Ides of March not for idling

Neighbors, Inc. volunteers Angela Rud, left, Sue Hanebuth, and Geri Bares, right, arrange pizza pies by size for a more organized freezer. (Jesse Poole/Review )
Neighbors, Inc. volunteers Angela Rud, left, Sue Hanebuth, and Geri Bares, right, arrange pizza pies by size for a more organized freezer. (Jesse Poole/Review )
Neighbors volunteer Angela Rud of Inver Grove Heights organizes items at the food shelf Wednesday morning. (Jesse Poole/Review )
Neighbors volunteer Angela Rud of Inver Grove Heights organizes items at the food shelf Wednesday morning. (Jesse Poole/Review )
Neighbors volunteer Geri Bares, nicknamed “Soup Lady,” picks up one of the offerings food shelf clients take right away: chicken noodle soup. Bares is in charge of organizing the many donations of soups coming in this month.  (Jesse Poole/Review )
Neighbors volunteer Geri Bares, nicknamed “Soup Lady,” picks up one of the offerings food shelf clients take right away: chicken noodle soup. Bares is in charge of organizing the many donations of soups coming in this month. (Jesse Poole/Review )
Rebecca Ruddy, Neighbors food shelf manager, digs through one of many boxes of beef jerky donated by Sportsman’s Guide of South St. Paul. The store donated 206 pounds of the protein for Minnesota FoodShare’s March Campaign.  (Jesse Poole/Review )
Rebecca Ruddy, Neighbors food shelf manager, digs through one of many boxes of beef jerky donated by Sportsman’s Guide of South St. Paul. The store donated 206 pounds of the protein for Minnesota FoodShare’s March Campaign. (Jesse Poole/Review )

Statewide food drive boosts Neighbors’ supplies

The South St. Paul Mayor’s Youth Task Force has set itself a lofty goal, one the U.S. Postal Service might be proud of: to help collect 55,075 pounds of food in March.

The oddly specific number represents the city’s numerical ZIP code, translated into quite a hefty load of edible goods.  

Goal: to stock for summer

Minnesota FoodShare, a program of the Greater Minneapolis Council of Churches, is encouraging residents to contribute to its annual March Campaign food and fund drive across the state. South St. Paul’s ZIP code contribution is part of that effort.

All the non-perishable foods collected in Northern Dakota County will be donated to Neighbors, Inc. for distribution. The nonprofit’s food shelf in South St. Paul is one of approximately 300 food pantries across Minnesota benefiting from the campaign.  

“The March Campaign is a tremendous help,” said Neighbors program director Joan Rhodes. “It’s essentially free advertising. It’s well-known and people are aware of it and the need.”

According to Rhodes, the timing is vital, as food shelves’ holiday season stock dwindles and they restock for the summer.

Summer is a notoriously low-donation season, but it’s not low-need. In fact, the need for food often rises, as kids who get lunch and perhaps breakfast at school are home for the summer.

Neighbors is Northern Dakota County’s only food shelf, meaning all donations collected in the area go to the non-profit, thus directly serving families in the same area.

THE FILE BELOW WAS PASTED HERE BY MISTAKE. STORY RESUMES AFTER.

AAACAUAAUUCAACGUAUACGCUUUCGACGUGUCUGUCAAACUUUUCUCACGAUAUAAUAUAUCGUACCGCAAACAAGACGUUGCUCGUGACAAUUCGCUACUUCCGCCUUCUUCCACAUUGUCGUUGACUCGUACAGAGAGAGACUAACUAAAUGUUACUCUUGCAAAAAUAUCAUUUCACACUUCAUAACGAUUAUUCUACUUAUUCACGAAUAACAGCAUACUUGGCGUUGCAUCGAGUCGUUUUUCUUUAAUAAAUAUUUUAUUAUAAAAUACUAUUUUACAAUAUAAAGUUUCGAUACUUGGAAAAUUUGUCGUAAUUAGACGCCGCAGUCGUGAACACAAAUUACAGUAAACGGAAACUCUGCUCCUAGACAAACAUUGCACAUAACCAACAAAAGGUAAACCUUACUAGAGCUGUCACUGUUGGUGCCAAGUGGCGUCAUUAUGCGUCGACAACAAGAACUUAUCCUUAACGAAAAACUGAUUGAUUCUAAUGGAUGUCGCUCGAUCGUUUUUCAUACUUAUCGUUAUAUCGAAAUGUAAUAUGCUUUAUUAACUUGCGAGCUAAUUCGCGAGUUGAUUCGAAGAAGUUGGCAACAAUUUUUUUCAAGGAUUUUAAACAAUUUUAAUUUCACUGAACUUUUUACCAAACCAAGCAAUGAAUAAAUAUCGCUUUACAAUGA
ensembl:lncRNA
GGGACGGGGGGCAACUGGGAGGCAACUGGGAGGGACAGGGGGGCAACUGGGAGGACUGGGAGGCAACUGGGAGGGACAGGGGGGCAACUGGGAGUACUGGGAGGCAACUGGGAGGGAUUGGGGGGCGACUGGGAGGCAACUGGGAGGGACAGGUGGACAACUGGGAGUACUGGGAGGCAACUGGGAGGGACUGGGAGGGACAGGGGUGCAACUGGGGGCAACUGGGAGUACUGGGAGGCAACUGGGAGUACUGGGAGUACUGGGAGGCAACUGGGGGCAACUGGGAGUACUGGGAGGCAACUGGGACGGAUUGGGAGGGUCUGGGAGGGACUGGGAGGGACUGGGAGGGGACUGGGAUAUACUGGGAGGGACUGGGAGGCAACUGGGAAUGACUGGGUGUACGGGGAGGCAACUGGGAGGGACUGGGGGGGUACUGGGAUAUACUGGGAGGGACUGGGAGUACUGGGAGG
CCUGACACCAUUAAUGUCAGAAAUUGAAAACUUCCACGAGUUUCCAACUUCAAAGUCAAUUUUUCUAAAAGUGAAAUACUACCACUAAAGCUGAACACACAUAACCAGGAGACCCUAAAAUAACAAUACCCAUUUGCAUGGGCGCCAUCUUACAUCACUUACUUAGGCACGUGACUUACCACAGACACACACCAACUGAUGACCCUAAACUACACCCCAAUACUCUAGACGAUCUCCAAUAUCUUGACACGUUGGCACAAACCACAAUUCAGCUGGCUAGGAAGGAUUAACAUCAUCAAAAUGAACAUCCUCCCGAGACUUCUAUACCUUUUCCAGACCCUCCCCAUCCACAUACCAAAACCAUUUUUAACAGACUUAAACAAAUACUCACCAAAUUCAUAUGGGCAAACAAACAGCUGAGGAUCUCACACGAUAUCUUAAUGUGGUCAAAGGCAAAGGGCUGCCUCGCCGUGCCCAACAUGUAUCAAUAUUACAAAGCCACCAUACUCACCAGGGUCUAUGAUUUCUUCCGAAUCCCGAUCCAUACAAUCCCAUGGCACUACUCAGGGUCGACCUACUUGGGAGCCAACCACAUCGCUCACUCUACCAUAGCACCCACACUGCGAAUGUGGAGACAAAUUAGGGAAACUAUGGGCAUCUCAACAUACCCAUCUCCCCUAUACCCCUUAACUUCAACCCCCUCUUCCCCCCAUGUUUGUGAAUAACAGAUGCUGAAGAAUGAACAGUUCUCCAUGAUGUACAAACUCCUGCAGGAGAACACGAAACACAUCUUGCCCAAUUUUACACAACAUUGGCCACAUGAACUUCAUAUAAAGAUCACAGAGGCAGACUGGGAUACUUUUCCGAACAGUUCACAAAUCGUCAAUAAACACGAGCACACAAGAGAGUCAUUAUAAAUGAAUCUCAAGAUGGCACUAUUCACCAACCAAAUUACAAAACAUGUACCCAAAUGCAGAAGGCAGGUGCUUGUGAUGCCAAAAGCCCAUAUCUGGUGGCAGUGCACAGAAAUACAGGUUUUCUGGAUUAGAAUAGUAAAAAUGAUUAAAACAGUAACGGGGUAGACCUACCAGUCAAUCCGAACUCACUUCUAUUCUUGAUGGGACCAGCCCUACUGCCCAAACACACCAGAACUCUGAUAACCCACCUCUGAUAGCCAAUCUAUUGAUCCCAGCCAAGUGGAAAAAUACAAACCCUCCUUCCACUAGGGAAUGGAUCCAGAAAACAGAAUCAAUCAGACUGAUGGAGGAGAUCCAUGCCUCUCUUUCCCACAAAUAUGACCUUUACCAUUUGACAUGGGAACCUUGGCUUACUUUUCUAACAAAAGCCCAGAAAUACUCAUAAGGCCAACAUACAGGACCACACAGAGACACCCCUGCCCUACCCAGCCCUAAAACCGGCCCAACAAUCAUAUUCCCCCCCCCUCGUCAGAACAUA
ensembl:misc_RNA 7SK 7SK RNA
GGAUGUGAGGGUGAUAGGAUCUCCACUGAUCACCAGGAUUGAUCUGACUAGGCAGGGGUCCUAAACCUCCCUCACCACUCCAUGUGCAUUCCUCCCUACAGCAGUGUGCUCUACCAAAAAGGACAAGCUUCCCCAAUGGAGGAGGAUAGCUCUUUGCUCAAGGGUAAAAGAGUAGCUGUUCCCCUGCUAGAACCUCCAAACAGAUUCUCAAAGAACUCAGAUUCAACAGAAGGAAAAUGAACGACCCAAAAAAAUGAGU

“The need is incredible,” said Rhodes. “And it’s doubled since 2010.”

Neighbors began in 1972, serving about 30 families. Today, the food shelf serves up to 600 families.

Community efforts

“Everything is lining up,” said South St. Paul community affairs liaison Deb Griffith. “The official kick-off [for the city] actually isn’t until March 16 at the city council meeting.”

She said it’s a lot easier to squeeze a busy food drive into a week or two, rather than to keep energy going for a whole month straight.

Griffith added that the energy for the drive has already been bubbling. “We’re hearing the buzz out there, so that’s good. People have been reaching out to us and wanting to get involved.”

According to Griffith, who with Mayor Beth Baumann helps organize the Youth Task Force, it’s not only the Task Force that is involved, though its goal is to be an important driving force.

Other groups participating, according to Minnesota FoodShare director Suzanne Shatila, are churches observing “Pack the Pews,” an event at which congregants and others line their church pews with foods to be donated.

Local shops and businesses are also finding ways to donate, from holding their own drives to offering specials to customers who donate.

Big steps

Last year South St. Paul’s goal was 30,000 pounds, and the city collected 47,000 pounds. This year the city’s chosen number of pounds is more than a third of the entire intended Neighbors goal of 150,000 pounds. That’s about the weight of a fuel-less space shuttle!

“This year we’re going all out,” said Griffith. “The demand is there. And, anyway, anybody can do 20,000 or 30,000 pounds.”

She joked that Inver Grove Heights could do a notch better than South St. Paul, as its ZIP code is 55076 and it could top South St. Paul’s effort by a pound. The same principle goes with the other cities, she said.  

West St. Paul Mayor David Meisinger said that though there is no formally-organized city collection, folks all over Northern Dakota County are contributing.

“For example, I know St. Thomas Academy collected a whole bunch of food,” Meisinger said.

Indeed, the Mendota Heights school said it collected 9,800 pounds of food as of the beginning of March.

Now’s the time

“Around the holidays, people are generous,” Shatila explained. “They want to make sure people in their communities are fed, especially around Thanksgiving and Christmas.”

But what happens after that?

“The fact is, donations tend to taper off after the holidays, while food shelves still need to feed hungry people,” Shatila said. “This is a chance for food shelves like Neighbors to restock their shelves.”

Jesse Poole can be reached at 651-748-7815 and jpoole@lillienews.com.
 

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